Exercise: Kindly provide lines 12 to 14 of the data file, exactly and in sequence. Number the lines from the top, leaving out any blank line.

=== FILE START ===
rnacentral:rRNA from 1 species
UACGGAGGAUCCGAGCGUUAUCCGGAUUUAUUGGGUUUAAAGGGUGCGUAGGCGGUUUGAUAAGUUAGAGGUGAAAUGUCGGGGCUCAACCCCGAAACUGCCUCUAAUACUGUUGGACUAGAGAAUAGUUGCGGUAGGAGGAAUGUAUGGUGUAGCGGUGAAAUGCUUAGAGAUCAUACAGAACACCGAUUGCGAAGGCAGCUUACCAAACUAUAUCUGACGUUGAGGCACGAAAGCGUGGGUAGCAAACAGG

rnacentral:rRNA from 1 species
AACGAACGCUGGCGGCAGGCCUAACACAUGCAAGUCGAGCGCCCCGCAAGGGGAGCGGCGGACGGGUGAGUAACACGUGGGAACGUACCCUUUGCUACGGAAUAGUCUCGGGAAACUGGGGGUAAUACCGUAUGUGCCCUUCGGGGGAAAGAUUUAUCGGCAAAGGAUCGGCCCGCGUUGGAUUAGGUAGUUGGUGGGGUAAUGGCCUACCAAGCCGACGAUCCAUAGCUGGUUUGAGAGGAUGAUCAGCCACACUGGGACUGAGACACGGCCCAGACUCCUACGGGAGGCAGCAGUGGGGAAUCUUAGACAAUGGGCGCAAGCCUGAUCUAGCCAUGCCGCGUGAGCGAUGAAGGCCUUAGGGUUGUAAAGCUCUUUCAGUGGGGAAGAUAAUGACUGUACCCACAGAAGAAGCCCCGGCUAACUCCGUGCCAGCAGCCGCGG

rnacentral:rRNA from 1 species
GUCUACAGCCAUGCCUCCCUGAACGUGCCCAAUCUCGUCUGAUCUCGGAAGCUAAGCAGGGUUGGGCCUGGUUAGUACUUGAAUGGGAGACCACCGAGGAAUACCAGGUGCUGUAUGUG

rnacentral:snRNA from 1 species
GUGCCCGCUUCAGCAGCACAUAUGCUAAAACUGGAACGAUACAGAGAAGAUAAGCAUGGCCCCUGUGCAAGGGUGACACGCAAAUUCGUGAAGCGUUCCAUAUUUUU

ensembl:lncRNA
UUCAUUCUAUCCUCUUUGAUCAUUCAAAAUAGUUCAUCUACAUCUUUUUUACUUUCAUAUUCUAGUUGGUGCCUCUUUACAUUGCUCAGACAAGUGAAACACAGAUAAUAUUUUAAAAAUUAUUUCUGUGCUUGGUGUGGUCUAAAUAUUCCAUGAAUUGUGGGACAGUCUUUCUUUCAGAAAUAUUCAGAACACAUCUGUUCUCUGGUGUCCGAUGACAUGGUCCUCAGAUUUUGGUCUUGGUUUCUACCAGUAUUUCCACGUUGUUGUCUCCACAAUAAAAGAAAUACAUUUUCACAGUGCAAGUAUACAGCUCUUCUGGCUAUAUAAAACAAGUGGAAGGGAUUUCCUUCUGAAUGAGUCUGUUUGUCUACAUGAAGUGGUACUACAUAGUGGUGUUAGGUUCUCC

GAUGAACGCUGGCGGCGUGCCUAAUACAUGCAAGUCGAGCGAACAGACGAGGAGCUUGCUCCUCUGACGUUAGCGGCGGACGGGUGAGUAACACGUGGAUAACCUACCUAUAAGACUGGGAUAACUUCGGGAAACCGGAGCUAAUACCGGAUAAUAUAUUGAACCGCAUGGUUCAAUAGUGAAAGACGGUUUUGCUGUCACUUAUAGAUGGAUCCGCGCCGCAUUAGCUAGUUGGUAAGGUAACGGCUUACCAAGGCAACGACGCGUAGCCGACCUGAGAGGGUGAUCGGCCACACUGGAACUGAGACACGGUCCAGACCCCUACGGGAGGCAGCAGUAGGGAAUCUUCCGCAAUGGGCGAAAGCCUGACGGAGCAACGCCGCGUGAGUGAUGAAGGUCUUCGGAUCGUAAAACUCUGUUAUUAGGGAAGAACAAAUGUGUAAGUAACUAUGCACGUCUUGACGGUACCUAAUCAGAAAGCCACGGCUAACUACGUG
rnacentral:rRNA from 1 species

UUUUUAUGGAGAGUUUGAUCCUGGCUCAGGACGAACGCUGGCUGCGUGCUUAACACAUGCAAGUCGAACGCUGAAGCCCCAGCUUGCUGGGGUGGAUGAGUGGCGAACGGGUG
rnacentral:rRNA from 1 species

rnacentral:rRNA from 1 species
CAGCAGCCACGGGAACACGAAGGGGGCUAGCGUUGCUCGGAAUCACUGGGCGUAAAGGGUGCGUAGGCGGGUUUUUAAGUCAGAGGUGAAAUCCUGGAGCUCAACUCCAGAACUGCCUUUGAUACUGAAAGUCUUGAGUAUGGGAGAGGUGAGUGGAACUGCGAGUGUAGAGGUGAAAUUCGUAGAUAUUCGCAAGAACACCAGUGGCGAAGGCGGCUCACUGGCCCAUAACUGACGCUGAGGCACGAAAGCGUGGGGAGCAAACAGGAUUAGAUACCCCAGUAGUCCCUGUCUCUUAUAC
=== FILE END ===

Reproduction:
rnacentral:rRNA from 1 species

UUUUUAUGGAGAGUUUGAUCCUGGCUCAGGACGAACGCUGGCUGCGUGCUUAACACAUGCAAGUCGAACGCUGAAGCCCCAGCUUGCUGGGGUGGAUGAGUGGCGAACGGGUG
rnacentral:rRNA from 1 species